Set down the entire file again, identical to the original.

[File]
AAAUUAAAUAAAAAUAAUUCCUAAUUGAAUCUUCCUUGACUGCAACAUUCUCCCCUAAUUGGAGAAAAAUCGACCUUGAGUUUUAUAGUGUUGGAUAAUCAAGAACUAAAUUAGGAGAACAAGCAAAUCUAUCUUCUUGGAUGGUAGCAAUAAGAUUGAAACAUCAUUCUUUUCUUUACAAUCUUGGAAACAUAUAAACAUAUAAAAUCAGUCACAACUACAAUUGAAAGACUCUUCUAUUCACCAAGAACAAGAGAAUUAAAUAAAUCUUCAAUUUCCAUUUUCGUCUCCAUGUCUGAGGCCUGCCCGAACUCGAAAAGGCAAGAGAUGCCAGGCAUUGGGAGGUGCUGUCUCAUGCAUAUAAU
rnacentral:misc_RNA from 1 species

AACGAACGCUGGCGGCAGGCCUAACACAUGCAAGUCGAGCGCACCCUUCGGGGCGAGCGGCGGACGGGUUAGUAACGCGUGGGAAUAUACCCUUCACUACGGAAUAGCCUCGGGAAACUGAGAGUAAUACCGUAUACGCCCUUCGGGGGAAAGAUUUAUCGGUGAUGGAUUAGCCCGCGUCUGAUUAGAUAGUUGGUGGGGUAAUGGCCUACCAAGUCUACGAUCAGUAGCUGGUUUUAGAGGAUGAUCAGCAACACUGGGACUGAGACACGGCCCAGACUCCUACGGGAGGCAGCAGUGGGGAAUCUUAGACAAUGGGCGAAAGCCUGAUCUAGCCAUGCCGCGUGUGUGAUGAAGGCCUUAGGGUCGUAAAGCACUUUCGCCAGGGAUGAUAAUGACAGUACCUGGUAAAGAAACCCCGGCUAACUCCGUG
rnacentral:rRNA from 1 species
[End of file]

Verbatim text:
AAAUUAAAUAAAAAUAAUUCCUAAUUGAAUCUUCCUUGACUGCAACAUUCUCCCCUAAUUGGAGAAAAAUCGACCUUGAGUUUUAUAGUGUUGGAUAAUCAAGAACUAAAUUAGGAGAACAAGCAAAUCUAUCUUCUUGGAUGGUAGCAAUAAGAUUGAAACAUCAUUCUUUUCUUUACAAUCUUGGAAACAUAUAAACAUAUAAAAUCAGUCACAACUACAAUUGAAAGACUCUUCUAUUCACCAAGAACAAGAGAAUUAAAUAAAUCUUCAAUUUCCAUUUUCGUCUCCAUGUCUGAGGCCUGCCCGAACUCGAAAAGGCAAGAGAUGCCAGGCAUUGGGAGGUGCUGUCUCAUGCAUAUAAU
rnacentral:misc_RNA from 1 species

AACGAACGCUGGCGGCAGGCCUAACACAUGCAAGUCGAGCGCACCCUUCGGGGCGAGCGGCGGACGGGUUAGUAACGCGUGGGAAUAUACCCUUCACUACGGAAUAGCCUCGGGAAACUGAGAGUAAUACCGUAUACGCCCUUCGGGGGAAAGAUUUAUCGGUGAUGGAUUAGCCCGCGUCUGAUUAGAUAGUUGGUGGGGUAAUGGCCUACCAAGUCUACGAUCAGUAGCUGGUUUUAGAGGAUGAUCAGCAACACUGGGACUGAGACACGGCCCAGACUCCUACGGGAGGCAGCAGUGGGGAAUCUUAGACAAUGGGCGAAAGCCUGAUCUAGCCAUGCCGCGUGUGUGAUGAAGGCCUUAGGGUCGUAAAGCACUUUCGCCAGGGAUGAUAAUGACAGUACCUGGUAAAGAAACCCCGGCUAACUCCGUG
rnacentral:rRNA from 1 species